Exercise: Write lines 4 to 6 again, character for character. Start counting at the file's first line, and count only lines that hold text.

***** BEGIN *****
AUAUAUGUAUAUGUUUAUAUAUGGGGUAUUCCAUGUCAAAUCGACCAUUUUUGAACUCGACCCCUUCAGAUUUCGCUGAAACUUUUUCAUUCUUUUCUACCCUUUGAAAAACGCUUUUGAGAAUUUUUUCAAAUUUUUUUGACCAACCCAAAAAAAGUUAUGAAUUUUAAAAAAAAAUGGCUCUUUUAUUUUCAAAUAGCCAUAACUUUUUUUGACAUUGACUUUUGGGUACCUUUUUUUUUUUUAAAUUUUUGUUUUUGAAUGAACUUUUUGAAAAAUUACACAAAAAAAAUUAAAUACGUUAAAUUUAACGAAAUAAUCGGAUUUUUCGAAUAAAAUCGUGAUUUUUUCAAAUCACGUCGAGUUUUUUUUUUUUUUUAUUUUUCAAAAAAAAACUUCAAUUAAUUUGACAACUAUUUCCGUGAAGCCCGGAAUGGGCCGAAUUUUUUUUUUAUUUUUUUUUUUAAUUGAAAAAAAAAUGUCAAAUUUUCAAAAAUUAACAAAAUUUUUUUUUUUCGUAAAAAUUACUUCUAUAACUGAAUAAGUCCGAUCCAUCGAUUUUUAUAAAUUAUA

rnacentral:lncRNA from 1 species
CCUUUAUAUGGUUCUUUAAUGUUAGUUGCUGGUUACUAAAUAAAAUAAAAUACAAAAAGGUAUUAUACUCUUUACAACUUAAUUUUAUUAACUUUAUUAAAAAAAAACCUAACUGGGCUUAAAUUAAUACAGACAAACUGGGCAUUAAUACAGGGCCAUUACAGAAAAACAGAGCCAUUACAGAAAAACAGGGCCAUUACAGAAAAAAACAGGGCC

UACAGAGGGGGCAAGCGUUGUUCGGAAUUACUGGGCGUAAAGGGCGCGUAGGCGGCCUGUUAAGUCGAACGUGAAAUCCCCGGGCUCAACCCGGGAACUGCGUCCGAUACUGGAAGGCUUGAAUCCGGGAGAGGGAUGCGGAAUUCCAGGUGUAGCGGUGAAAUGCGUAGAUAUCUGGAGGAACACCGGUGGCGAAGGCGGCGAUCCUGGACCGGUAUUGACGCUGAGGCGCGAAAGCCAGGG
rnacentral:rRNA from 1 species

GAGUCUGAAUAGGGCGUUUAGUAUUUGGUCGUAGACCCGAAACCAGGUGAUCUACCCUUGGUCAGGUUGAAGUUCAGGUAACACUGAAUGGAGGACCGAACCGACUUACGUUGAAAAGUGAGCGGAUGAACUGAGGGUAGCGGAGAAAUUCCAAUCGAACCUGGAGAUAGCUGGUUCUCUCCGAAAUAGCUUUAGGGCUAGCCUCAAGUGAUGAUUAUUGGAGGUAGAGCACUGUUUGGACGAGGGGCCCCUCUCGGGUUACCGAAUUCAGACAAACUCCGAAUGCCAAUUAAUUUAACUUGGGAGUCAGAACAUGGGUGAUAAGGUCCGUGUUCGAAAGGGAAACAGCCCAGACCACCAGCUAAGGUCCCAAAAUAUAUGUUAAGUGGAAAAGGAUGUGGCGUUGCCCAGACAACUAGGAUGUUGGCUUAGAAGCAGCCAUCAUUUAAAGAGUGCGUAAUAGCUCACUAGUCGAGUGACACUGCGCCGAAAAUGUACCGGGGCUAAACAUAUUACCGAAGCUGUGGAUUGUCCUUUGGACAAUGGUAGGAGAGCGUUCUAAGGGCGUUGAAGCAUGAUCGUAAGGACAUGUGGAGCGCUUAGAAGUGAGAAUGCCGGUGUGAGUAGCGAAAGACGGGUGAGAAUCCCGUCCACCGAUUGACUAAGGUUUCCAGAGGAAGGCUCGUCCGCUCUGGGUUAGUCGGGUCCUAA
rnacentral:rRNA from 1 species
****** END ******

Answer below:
UACAGAGGGGGCAAGCGUUGUUCGGAAUUACUGGGCGUAAAGGGCGCGUAGGCGGCCUGUUAAGUCGAACGUGAAAUCCCCGGGCUCAACCCGGGAACUGCGUCCGAUACUGGAAGGCUUGAAUCCGGGAGAGGGAUGCGGAAUUCCAGGUGUAGCGGUGAAAUGCGUAGAUAUCUGGAGGAACACCGGUGGCGAAGGCGGCGAUCCUGGACCGGUAUUGACGCUGAGGCGCGAAAGCCAGGG
rnacentral:rRNA from 1 species

GAGUCUGAAUAGGGCGUUUAGUAUUUGGUCGUAGACCCGAAACCAGGUGAUCUACCCUUGGUCAGGUUGAAGUUCAGGUAACACUGAAUGGAGGACCGAACCGACUUACGUUGAAAAGUGAGCGGAUGAACUGAGGGUAGCGGAGAAAUUCCAAUCGAACCUGGAGAUAGCUGGUUCUCUCCGAAAUAGCUUUAGGGCUAGCCUCAAGUGAUGAUUAUUGGAGGUAGAGCACUGUUUGGACGAGGGGCCCCUCUCGGGUUACCGAAUUCAGACAAACUCCGAAUGCCAAUUAAUUUAACUUGGGAGUCAGAACAUGGGUGAUAAGGUCCGUGUUCGAAAGGGAAACAGCCCAGACCACCAGCUAAGGUCCCAAAAUAUAUGUUAAGUGGAAAAGGAUGUGGCGUUGCCCAGACAACUAGGAUGUUGGCUUAGAAGCAGCCAUCAUUUAAAGAGUGCGUAAUAGCUCACUAGUCGAGUGACACUGCGCCGAAAAUGUACCGGGGCUAAACAUAUUACCGAAGCUGUGGAUUGUCCUUUGGACAAUGGUAGGAGAGCGUUCUAAGGGCGUUGAAGCAUGAUCGUAAGGACAUGUGGAGCGCUUAGAAGUGAGAAUGCCGGUGUGAGUAGCGAAAGACGGGUGAGAAUCCCGUCCACCGAUUGACUAAGGUUUCCAGAGGAAGGCUCGUCCGCUCUGGGUUAGUCGGGUCCUAA